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builtins operating on rif:iri

From: Sandro Hawke <sandro@w3.org>
Date: Thu, 23 Apr 2009 11:37:31 -0400
To: kifer@cs.sunysb.edu
cc: public-rif-wg@w3.org
Message-ID: <20464.1240501051@ubehebe>

> > Oh, hmmm.  Now I realize I'm confused and worried about using rif:iri
> > (or rif:local) with builtins.
> > 
> > Does:
> >          ex:foo = 1
> > ential:
> >          external(numeric-equal(ex:foo, 1))
> > ?
> 
> Yes. ex:foo is indistinguishable from 1 after you equated them.

Okay, that's what I would have expected.

But that means that before I equate them, the truth value of that
external predicate formula is 'unspecified'....  (It can't be 'false' or
the logic would be non-monotonic.)  Similarly,
external(pred:isInteger(eg:bar)) is 'unspecified' until/unless eg:bar
ends up equated with some data value, or we otherwise learn a lot more
about it.

So that means list-contains/member will be 'unspecified' a lot of the
time as well; in practice, it will never be false when there are
'objects' in the list.  For example:

    member(eg:foo, list(eg:foo eg:bar))

is be true, but:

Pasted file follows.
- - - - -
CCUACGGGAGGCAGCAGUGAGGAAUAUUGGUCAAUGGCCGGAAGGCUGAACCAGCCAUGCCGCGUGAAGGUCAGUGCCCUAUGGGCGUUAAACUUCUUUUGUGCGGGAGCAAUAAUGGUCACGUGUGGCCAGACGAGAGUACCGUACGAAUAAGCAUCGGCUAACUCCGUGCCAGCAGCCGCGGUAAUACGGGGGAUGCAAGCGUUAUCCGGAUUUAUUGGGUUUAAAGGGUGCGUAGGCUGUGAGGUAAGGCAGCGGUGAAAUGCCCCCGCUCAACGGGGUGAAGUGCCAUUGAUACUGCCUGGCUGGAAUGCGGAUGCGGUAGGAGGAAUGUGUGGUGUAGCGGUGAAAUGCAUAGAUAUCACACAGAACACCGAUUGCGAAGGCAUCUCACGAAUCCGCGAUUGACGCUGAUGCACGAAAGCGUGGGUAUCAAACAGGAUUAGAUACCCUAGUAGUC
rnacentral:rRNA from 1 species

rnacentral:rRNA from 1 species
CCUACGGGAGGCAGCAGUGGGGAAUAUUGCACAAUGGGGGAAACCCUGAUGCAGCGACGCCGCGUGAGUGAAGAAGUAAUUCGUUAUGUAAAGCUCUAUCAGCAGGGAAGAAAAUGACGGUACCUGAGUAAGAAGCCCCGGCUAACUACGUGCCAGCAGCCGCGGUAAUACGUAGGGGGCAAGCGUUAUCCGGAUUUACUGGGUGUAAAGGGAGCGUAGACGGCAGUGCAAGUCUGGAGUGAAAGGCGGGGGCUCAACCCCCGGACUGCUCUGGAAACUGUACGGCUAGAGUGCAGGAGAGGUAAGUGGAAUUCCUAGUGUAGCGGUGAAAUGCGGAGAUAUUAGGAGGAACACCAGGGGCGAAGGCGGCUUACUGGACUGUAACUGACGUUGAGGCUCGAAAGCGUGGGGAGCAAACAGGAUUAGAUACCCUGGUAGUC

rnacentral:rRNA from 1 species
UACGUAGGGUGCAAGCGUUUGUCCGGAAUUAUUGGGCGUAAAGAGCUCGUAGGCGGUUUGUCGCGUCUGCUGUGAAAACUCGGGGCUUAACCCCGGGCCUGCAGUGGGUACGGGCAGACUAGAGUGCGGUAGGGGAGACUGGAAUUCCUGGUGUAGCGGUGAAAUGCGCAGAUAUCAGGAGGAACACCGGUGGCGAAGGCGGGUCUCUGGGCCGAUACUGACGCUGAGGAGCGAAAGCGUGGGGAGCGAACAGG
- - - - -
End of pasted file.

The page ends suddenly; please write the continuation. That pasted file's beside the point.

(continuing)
member(eg:baz, list(eg:foo eg:bar))

is 'unspecified' unless eg:foo, eg:bar, and eg:baz are all equated to
data values --- and in practice, if you're using them as frame/objects,
you would never equate them to data values.  (You could also get a false
via a combination to OWL, from which you could learn they were pairwise
distinct.)

All the list operations that compare items have a form of this behavior.
For instance:

    index-of(list(eg:foo eg:bar), eg:foo)

is 'unspecified', unless we can determine, somehow, whether
eg:foo=eg:bar.

I guess this unfortunate behavior is inescapable given our no-CWA,
no-UNA style of Core.

The effect is that it basically doesn't work to think of 'objects' as
items in lists in Core or BLD.  (Does this problem go away in PRD?)  

The two options I can think  of:

   1. Forbid 'objects' in lists; make lists just be lists of data
      values.  Given this, we could even define a mapping to a lexical
      space for lists, making them be another datatype.  (Hey, we could
      generalize that, and make it another Rec-track document like
      rdf:text.  Hey, why are you hitting me?  :-)

   2. Just understand that they don't really work for 'objects', even
      though the machinery is there.

I suspect option (2) is better, because it allows lists to grow more
useful in other dialects -- possibly PRD, and certainly a
logic-programming dialect with CWA/UNA.

      -- Sandro
Received on Thursday, 23 April 2009 15:37:41 GMT

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